South Eastern Railway


South Eastern Railway

Click or tap the thumbnail for a description and photograph of each listed signal box. These are, in some cases, supplemented by other related pictures of the same box, denoted by the following icons:

Page includes views of box interior
Page includes close-up views of lever badges
Page includes close-up views of signalling instruments and equipment
Page includes close-up views of box diagram
Page includes views of signals and other outdoor equipment
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The South Eastern Railway was quick to install the Absolute Block system but rather sat on its heels as far as interlocking was concerned, until its arm was forced by the 1889 Regulation of Railways Act.

The earliest signal boxes were therefore little more than huts.

Buckland Junction

The South Eastern Railway’s first “proper” signal boxes were supplied by Stevens & Sons or, in a few cases, by Saxby & Farmer.

Grain Crossing

A ground-level Stevens & Sons signal box


From 1867, the Southern railway introduced their own design of signal box and lever frame.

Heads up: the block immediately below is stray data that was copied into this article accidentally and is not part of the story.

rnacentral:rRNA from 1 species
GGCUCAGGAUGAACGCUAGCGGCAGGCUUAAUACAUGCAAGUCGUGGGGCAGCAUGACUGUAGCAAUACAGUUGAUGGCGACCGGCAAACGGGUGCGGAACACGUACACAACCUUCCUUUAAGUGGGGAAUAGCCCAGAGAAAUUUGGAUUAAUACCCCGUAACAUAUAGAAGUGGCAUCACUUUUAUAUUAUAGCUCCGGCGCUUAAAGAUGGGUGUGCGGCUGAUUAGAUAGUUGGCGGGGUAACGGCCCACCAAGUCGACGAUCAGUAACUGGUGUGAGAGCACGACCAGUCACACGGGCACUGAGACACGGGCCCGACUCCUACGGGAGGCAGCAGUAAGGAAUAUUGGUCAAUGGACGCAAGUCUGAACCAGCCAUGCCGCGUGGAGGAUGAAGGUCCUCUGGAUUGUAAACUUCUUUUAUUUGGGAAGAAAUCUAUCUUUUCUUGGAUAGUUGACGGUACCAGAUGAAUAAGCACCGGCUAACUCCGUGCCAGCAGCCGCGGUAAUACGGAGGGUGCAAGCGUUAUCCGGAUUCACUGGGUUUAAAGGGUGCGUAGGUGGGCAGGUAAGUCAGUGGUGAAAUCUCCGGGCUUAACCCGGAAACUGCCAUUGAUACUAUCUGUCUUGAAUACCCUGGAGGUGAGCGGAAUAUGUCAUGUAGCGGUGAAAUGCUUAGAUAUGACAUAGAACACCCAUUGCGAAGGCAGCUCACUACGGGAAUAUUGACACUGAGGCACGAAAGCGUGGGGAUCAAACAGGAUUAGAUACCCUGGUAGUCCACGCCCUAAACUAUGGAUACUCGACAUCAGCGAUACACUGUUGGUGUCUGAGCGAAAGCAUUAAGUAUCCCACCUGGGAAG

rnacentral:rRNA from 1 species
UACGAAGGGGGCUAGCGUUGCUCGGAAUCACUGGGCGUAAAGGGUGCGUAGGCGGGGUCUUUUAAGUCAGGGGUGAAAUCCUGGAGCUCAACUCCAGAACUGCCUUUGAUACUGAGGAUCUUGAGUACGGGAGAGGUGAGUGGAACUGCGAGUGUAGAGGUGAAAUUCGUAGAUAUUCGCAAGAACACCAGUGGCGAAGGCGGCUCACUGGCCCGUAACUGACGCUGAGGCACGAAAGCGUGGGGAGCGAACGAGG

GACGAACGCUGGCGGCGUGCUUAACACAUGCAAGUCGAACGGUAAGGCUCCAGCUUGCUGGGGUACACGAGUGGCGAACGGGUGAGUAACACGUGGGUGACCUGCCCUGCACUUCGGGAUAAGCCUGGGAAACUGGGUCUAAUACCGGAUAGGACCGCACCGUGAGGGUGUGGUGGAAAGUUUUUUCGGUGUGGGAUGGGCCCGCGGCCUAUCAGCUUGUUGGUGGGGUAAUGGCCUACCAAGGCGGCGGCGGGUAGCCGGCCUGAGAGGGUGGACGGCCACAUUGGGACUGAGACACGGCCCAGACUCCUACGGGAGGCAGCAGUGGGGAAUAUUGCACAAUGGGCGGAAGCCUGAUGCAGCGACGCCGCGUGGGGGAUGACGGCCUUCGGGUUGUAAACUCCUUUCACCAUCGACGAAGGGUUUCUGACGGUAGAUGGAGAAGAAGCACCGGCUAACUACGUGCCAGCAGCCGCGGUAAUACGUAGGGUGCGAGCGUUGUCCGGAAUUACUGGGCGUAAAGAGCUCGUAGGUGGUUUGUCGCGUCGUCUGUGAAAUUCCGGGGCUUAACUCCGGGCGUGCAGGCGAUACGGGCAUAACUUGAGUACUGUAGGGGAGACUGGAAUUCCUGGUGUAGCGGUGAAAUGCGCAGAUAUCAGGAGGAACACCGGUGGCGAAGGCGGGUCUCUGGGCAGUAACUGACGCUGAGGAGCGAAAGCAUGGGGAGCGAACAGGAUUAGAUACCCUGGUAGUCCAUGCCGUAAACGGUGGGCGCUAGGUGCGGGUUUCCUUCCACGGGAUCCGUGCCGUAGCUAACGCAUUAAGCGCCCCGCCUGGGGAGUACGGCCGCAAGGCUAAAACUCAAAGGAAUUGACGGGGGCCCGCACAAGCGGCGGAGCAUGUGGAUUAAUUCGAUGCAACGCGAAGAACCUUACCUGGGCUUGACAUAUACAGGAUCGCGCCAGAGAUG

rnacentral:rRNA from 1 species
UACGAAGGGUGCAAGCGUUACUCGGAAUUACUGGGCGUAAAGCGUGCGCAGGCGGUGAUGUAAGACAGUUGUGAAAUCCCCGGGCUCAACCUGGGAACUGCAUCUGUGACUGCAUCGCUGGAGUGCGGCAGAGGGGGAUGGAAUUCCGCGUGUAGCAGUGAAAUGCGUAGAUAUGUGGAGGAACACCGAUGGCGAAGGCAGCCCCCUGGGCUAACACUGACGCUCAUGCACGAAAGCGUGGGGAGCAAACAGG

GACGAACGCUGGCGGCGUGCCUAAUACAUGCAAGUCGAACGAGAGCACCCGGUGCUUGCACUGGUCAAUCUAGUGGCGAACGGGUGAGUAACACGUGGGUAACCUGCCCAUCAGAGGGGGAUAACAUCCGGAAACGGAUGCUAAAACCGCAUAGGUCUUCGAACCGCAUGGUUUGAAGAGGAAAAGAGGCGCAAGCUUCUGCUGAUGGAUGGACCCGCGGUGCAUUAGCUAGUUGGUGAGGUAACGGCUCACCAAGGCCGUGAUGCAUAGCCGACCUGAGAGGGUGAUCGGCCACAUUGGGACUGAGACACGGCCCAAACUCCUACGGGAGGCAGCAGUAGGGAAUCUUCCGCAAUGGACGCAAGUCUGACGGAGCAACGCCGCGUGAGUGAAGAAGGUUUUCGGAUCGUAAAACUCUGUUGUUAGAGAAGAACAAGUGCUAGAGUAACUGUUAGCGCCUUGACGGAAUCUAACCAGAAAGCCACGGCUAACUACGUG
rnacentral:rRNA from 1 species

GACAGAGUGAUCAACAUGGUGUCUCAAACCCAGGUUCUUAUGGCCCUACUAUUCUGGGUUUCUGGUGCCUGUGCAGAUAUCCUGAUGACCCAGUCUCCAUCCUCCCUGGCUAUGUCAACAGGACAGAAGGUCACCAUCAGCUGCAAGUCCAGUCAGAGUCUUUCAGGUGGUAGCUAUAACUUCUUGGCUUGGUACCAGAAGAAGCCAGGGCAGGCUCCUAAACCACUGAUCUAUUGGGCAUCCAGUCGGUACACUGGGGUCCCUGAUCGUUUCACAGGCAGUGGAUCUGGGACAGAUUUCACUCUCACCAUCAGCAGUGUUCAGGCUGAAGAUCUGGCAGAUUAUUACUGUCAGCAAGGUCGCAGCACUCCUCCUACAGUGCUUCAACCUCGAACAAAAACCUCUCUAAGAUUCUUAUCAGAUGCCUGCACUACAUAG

In the 1890s, many contractors had to support the SER’s own constructions to cope with the damand. This example was built by the Railway Signal Company.


An example of the Dutton & Co contribution in the 1890s.


McKenzie & Holland also supplied some signal boxes in the 1890s.


Many boxes provided during the 1890s mass interlocking programme were supplied by Saxby & Farmer

North Kent West Junction

Even after the interlocking programme, the South Eastern’s own signalling output had to be supplemented – their preferred contractor at this period was Evans & O’Donnell.

The South Eastern became part of the South Eastern & Chatham Joint Committee in 1899.


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